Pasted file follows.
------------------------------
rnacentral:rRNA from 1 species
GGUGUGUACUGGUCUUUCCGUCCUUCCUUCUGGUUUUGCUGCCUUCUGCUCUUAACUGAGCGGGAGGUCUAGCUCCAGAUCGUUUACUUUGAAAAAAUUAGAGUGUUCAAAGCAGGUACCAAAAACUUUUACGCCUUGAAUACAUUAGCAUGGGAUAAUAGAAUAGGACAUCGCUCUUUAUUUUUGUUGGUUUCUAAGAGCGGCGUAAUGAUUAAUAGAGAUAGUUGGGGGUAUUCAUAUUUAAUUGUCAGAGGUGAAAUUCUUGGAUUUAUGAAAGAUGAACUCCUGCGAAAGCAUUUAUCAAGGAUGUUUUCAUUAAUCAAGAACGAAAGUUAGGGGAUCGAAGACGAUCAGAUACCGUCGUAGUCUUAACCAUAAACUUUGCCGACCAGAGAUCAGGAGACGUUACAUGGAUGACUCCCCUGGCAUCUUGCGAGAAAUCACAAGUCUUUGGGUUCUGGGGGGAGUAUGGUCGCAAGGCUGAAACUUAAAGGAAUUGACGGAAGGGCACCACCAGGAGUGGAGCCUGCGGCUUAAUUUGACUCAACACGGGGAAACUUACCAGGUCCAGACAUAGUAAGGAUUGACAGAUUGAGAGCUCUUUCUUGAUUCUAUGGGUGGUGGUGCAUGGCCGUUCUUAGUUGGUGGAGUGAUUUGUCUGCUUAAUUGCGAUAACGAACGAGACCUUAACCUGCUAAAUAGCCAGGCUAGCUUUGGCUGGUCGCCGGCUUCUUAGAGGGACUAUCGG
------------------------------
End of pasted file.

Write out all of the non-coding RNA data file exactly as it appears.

rnacentral:rRNA from 1 species
GGUGUGUACUGGUCUUUCCGUCCUUCCUUCUGGUUUUGCUGCCUUCUGCUCUUAACUGAGCGGGAGGUCUAGCUCCAGAUCGUUUACUUUGAAAAAAUUAGAGUGUUCAAAGCAGGUACCAAAAACUUUUACGCCUUGAAUACAUUAGCAUGGGAUAAUAGAAUAGGACAUCGCUCUUUAUUUUUGUUGGUUUCUAAGAGCGGCGUAAUGAUUAAUAGAGAUAGUUGGGGGUAUUCAUAUUUAAUUGUCAGAGGUGAAAUUCUUGGAUUUAUGAAAGAUGAACUCCUGCGAAAGCAUUUAUCAAGGAUGUUUUCAUUAAUCAAGAACGAAAGUUAGGGGAUCGAAGACGAUCAGAUACCGUCGUAGUCUUAACCAUAAACUUUGCCGACCAGAGAUCAGGAGACGUUACAUGGAUGACUCCCCUGGCAUCUUGCGAGAAAUCACAAGUCUUUGGGUUCUGGGGGGAGUAUGGUCGCAAGGCUGAAACUUAAAGGAAUUGACGGAAGGGCACCACCAGGAGUGGAGCCUGCGGCUUAAUUUGACUCAACACGGGGAAACUUACCAGGUCCAGACAUAGUAAGGAUUGACAGAUUGAGAGCUCUUUCUUGAUUCUAUGGGUGGUGGUGCAUGGCCGUUCUUAGUUGGUGGAGUGAUUUGUCUGCUUAAUUGCGAUAACGAACGAGACCUUAACCUGCUAAAUAGCCAGGCUAGCUUUGGCUGGUCGCCGGCUUCUUAGAGGGACUAUCGG